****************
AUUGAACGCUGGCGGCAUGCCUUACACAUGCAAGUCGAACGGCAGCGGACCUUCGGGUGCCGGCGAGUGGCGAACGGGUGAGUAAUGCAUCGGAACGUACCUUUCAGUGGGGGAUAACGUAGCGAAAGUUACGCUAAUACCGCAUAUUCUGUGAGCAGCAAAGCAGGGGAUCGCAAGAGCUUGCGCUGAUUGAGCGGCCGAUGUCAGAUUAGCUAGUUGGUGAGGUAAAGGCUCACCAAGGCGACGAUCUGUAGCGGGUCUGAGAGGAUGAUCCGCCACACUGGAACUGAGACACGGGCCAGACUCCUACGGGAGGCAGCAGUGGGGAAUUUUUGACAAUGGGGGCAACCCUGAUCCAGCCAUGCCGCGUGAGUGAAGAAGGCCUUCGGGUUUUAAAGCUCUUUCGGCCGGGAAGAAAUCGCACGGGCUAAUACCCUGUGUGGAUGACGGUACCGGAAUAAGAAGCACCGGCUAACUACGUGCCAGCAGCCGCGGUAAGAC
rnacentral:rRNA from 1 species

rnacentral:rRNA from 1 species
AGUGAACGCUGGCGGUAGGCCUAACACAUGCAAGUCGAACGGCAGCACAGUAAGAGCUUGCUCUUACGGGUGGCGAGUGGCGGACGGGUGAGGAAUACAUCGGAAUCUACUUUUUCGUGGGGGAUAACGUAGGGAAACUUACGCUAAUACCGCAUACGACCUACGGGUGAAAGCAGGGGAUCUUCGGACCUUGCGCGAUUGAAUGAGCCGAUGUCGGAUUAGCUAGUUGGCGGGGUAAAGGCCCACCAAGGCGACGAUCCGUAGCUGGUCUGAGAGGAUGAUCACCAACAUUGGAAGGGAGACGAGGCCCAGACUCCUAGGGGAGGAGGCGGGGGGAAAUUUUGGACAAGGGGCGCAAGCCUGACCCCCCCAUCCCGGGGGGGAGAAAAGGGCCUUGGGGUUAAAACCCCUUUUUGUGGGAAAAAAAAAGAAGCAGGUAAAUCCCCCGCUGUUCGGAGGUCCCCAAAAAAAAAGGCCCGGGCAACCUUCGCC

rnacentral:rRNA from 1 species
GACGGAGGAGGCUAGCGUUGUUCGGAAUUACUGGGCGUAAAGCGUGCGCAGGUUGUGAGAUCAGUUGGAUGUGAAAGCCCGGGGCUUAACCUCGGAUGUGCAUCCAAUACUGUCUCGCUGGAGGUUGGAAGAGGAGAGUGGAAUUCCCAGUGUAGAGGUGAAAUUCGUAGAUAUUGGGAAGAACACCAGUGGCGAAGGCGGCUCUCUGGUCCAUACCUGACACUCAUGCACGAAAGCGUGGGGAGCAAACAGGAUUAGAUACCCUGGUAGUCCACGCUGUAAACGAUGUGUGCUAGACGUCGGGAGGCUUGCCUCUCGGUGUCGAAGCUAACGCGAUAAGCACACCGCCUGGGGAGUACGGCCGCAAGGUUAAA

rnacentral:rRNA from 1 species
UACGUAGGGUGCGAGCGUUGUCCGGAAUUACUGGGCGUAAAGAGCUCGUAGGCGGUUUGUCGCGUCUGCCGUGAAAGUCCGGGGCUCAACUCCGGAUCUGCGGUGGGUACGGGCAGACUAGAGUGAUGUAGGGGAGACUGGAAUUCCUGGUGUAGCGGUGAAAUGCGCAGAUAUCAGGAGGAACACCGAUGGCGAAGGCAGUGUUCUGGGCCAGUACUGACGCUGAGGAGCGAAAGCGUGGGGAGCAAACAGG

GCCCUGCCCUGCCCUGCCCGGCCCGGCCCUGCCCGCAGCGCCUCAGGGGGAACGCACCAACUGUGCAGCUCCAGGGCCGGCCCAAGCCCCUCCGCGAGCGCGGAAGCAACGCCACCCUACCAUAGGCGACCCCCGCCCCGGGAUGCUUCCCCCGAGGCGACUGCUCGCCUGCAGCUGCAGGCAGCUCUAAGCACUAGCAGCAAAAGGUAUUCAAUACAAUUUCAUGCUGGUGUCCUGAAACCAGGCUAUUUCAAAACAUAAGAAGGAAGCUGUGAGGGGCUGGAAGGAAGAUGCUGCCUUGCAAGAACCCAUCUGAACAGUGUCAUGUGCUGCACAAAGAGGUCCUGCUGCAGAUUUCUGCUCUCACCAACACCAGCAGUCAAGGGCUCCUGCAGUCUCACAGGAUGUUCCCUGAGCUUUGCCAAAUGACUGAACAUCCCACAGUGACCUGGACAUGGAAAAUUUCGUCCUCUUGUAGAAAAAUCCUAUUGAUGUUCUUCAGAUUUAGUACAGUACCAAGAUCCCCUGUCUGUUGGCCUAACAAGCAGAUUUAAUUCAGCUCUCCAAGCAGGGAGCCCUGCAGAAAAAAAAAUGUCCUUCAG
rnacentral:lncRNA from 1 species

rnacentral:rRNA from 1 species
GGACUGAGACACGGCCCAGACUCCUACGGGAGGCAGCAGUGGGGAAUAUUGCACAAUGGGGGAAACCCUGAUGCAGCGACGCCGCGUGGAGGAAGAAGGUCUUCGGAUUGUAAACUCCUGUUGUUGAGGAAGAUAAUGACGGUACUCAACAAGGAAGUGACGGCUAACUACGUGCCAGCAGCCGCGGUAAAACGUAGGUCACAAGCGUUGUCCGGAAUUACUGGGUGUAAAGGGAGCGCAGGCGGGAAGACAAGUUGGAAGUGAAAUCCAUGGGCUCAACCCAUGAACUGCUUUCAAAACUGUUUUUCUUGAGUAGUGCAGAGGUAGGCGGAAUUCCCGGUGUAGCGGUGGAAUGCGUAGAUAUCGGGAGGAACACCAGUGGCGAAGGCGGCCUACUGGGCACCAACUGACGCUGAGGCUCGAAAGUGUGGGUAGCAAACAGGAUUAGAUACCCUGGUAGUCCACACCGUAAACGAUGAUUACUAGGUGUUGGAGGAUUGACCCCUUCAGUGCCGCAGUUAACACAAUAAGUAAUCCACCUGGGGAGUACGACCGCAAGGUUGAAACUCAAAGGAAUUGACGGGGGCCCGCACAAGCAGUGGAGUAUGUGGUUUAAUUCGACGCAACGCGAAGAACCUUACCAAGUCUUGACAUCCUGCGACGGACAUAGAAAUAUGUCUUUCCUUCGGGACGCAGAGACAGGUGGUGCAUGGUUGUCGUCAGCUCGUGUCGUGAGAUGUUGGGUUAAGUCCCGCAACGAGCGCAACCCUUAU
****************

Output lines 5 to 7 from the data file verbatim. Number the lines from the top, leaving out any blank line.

rnacentral:rRNA from 1 species
GACGGAGGAGGCUAGCGUUGUUCGGAAUUACUGGGCGUAAAGCGUGCGCAGGUUGUGAGAUCAGUUGGAUGUGAAAGCCCGGGGCUUAACCUCGGAUGUGCAUCCAAUACUGUCUCGCUGGAGGUUGGAAGAGGAGAGUGGAAUUCCCAGUGUAGAGGUGAAAUUCGUAGAUAUUGGGAAGAACACCAGUGGCGAAGGCGGCUCUCUGGUCCAUACCUGACACUCAUGCACGAAAGCGUGGGGAGCAAACAGGAUUAGAUACCCUGGUAGUCCACGCUGUAAACGAUGUGUGCUAGACGUCGGGAGGCUUGCCUCUCGGUGUCGAAGCUAACGCGAUAAGCACACCGCCUGGGGAGUACGGCCGCAAGGUUAAA

rnacentral:rRNA from 1 species